So,after waiting about an hour,we were called back & the tech started the comprehensive ultrasound scan...looking at the heart,arms,legs,head,etc. (naming what she was looking at) As she was leaving the room,I asked what it was (she certainly wasn't volunteering that information) & in a voice as dry and uninterested as humanly possible said "It's a X" before making her escape. Seriously,we've waited 19 weeks for this moment and that's how you act? (I don't know if she was having an off day or harbored a personal prejudice against moms with diabetes,like they have no business being pregnant) Then the doctor came in,and he was much nicer with explaining everything. Took another look at the fetal heart & proclaimed everything to be right on track.(weightwise,about 8 oz and no abnormalities) And it's kind of nice that they're concerned that I have someone to help with the blood sugar rollarcoaster, as the regular GYN office really doesn't care(or ask)about diabetes stuff at all. But the high-risk group only does the monitoring,not the actual delivering of the babies.(its all very specialized) My Endo handles it,but they've offered the services of their diabetes educator should I ever need it.(emergency or otherwise)
After that,we saw the genetics counselor for an in-depth discussion regarding my medical conditions/chance of passing them on.(more specifically,about my Bartters Syndrome) Because most variants are autosomal recessive,that means that I won the genetics lottery and got it from both parents(while my five siblings got Nada). In the general population,the chance of being a carrier is 1/1,000 so the chance that the baby will have Bartters is 1/1000 but there is 100% chance that they'll be a carrier. That's if it's recessive linked,I could have the (extremely rare) dominant form and in that case,the child will have Bartters Syndrome. (if that were the case,it would be apparent at birth) Insurance,of course,doesn't cover gene testing and I don't see spending $6000 on it,it wouldn't change anything anyway.It would be nice to know at some point in the future though(if I could find a research facility that would test for free). My nephrologist says that since it doesn't change the treatment regimen,there's really no need (I guess the only thing one can do,is be alert & proactive with any changes,at birth).We talked about medical issues on both sides of the family tree,they drew more blood,and scheduled the next screening in 4 weeks.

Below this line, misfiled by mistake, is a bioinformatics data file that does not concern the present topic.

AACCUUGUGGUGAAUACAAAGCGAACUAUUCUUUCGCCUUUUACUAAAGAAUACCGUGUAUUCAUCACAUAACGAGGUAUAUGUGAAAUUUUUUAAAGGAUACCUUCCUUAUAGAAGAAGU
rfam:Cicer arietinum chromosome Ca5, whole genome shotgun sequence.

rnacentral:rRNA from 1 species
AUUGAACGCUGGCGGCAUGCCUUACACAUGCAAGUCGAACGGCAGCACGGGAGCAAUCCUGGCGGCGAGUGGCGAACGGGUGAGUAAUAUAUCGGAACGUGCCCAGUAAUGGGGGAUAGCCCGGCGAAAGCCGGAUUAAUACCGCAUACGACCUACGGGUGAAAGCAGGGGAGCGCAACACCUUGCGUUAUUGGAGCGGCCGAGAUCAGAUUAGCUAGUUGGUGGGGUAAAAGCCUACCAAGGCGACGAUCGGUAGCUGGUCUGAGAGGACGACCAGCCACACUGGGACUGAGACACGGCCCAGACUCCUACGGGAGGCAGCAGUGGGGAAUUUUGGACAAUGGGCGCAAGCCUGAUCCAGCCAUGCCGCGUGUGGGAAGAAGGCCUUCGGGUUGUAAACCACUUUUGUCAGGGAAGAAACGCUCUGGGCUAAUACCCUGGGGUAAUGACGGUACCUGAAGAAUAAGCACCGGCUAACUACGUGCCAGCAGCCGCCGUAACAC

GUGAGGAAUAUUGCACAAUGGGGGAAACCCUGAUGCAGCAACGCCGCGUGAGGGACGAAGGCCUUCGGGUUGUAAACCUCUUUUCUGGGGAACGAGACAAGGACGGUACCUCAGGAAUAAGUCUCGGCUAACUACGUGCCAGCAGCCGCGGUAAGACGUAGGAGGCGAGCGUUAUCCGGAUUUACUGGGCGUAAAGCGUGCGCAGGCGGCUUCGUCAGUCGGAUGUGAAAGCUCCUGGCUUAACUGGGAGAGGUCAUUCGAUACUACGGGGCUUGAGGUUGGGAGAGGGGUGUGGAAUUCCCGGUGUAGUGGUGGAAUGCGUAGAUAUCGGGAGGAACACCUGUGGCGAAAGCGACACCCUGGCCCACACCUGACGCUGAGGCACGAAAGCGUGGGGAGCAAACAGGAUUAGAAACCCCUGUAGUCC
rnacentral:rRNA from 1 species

And it's a boy!!!
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